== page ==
Beecham v. United States

PETITIONER: Lenard Ray Beecham
RESPONDENT: United States
LOCATION: Colorado Springs, Colorado

DOCKET NO.: 93-445
DECIDED BY: Rehnquist Court (1993-1994)
LOWER COURT: United States Court of Appeals for the Fourth Circuit

CITATION: 511 US 368 (1994)
ARGUED: Mar 21, 1994
DECIDED: May 16, 1994

ADVOCATES:
Edward C. DuMont - on behalf of the Respondent
Nathan Lewin - on behalf of the Petitioner

Facts of the case

Lenard Ray Beecham was convicted in Federal District Court of violating 18 U.S.C. 922(g), which makes it illegal for a convicted felon to possess a firearm. Beecham argued that according to the statute's exemption clause ("Any conviction...for which a person...has had civil rights restored shall not be considered a conviction...") he was no longer a convicted felon because Tennessee had restored his civil rights. Prosecutors pointed to the statute's "choice of law clause," which states that "What constitutes a conviction...shall be determined in accordance with the law of the jurisdiction in which the proceedings were held." They argued that because Beecham's prior conviction was under federal law, no state could restore his right to possess a firearm.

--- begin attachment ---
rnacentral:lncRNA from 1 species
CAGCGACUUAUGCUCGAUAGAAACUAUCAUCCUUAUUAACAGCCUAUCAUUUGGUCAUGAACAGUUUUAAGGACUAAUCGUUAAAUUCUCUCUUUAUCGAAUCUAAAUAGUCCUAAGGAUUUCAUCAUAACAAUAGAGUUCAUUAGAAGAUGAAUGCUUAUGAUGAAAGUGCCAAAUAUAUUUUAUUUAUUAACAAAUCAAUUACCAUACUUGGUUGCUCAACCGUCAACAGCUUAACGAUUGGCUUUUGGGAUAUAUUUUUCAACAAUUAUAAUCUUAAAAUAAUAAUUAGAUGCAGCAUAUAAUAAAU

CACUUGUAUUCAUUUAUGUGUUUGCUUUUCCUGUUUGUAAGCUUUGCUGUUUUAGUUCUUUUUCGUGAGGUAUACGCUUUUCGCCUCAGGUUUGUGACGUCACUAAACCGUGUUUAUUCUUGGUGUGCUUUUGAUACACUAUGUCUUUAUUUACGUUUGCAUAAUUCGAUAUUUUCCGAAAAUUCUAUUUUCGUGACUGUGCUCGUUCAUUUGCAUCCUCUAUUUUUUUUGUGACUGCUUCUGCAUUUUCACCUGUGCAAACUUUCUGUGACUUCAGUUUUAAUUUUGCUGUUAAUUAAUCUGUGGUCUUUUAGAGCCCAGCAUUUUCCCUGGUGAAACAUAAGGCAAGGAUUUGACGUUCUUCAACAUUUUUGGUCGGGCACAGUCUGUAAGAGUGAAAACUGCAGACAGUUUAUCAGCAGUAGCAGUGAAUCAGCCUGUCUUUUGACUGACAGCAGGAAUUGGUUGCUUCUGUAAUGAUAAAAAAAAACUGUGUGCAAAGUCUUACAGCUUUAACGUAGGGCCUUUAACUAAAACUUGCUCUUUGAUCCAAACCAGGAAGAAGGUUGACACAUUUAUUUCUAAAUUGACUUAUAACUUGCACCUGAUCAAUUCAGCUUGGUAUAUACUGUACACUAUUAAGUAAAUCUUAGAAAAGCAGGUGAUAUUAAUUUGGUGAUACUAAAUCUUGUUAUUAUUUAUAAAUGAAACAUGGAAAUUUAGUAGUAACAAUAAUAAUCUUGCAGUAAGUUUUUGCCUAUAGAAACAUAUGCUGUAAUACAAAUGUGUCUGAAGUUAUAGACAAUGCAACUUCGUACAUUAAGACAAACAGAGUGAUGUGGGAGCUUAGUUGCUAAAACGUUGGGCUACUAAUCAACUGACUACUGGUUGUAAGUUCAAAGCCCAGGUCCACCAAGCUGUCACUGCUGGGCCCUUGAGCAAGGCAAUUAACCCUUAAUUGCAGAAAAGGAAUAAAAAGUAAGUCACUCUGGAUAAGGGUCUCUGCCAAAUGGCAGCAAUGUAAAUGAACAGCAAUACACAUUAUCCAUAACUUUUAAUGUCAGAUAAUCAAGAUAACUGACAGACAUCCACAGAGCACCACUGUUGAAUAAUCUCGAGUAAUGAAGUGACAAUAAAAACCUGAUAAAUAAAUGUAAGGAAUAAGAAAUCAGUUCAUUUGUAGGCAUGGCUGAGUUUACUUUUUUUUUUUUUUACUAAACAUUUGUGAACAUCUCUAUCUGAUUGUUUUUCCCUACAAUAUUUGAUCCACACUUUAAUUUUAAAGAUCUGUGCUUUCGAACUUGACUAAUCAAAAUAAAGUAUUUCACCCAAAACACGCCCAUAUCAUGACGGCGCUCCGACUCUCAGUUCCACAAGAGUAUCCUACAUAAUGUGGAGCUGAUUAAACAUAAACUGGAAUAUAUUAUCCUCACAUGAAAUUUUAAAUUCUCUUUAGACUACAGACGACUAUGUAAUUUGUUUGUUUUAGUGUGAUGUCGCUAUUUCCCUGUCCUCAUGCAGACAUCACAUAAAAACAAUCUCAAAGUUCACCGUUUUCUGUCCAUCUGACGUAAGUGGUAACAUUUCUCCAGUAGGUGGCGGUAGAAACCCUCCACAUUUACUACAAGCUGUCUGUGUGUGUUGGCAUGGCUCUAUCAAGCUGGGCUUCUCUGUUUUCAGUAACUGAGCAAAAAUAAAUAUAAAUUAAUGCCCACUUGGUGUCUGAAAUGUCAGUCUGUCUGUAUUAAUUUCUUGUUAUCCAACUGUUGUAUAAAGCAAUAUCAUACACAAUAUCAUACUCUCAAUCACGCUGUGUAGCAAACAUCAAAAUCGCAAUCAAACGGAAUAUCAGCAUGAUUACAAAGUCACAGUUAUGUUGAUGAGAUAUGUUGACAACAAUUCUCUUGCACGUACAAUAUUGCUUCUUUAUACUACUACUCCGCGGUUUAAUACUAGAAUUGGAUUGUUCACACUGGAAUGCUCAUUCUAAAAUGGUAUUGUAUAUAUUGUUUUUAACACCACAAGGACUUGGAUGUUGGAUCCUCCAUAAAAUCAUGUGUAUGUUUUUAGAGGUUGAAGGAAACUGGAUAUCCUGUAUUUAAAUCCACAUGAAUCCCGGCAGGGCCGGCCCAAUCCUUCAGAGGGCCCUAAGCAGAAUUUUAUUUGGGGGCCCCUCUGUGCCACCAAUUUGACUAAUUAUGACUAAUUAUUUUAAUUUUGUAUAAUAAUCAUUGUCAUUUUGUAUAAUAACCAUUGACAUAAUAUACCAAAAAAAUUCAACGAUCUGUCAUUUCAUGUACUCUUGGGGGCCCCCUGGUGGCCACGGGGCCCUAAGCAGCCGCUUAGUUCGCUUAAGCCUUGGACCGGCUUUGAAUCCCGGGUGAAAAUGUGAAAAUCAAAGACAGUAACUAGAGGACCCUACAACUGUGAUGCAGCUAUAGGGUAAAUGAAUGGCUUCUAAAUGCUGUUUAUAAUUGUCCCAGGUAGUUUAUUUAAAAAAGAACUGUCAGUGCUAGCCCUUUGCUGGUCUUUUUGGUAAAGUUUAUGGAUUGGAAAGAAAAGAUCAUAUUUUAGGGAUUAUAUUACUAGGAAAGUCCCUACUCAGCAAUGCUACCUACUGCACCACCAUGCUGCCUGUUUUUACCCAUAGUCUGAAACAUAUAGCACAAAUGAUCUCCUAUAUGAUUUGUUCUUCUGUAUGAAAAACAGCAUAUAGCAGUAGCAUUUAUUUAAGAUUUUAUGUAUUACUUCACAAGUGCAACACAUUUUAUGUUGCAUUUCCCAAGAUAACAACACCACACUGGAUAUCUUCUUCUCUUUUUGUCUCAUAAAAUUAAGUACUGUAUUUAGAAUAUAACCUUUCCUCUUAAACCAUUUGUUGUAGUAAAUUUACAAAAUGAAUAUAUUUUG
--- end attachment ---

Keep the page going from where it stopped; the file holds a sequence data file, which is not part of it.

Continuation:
The District Court ruled that a state could restore civil rights barred by a federal conviction, but the U.S. Court of Appeals for the Fourth Circuit reversed the decision. The Fourth Circuit's rule conflicted with those of the Courts of Appeals for the Eighth and Ninth Circuits, which held that the since the exemption clause applied to "any conviction," it also permitted states to undo restrictions caused by federal convictions.

Question

Under 18 U.S.C. 922(g), can state procedures for the restoration of the civil rights of felons restore the right of a federal felon to possess a firearm?

Media for Beecham v. United States

Audio Transcription for Opinion Announcement - May 16, 1994 in Beecham v. United States

Harry A. Blackmun:

I have an opinion to announce on behalf of Justice O'Connor who is also absent today.

This is No.93-445, Beecham and Jones against the United States.

This case comes to us on certiorari to the United States Court of Appeals for the Fourth Circuit.

Petitioners, Beecham and Jones, were convicted of being felons in possession of firearms.

Under the felon in possession law, a person may regain the right to possess firearms if he has had civil rights restored for his conviction, and Beecham and Jones claimed this exemption applied to them.

But both petitioners had prior federal convictions as well as prior state convictions and their civil rights had been restored only under state law, and for this reason, the Court of Appeals ruled against the petitioners.

In an opinion filed today, we affirm that judgment.

We hold that a civil rights restoration can nullify the affect of a conviction only if it was performed by the convicting jurisdiction.

Petitioner's state civil rights restorations, therefore, cannot undo the disability flowing from their Federal Court convictions.

And this opinion also is unanimous.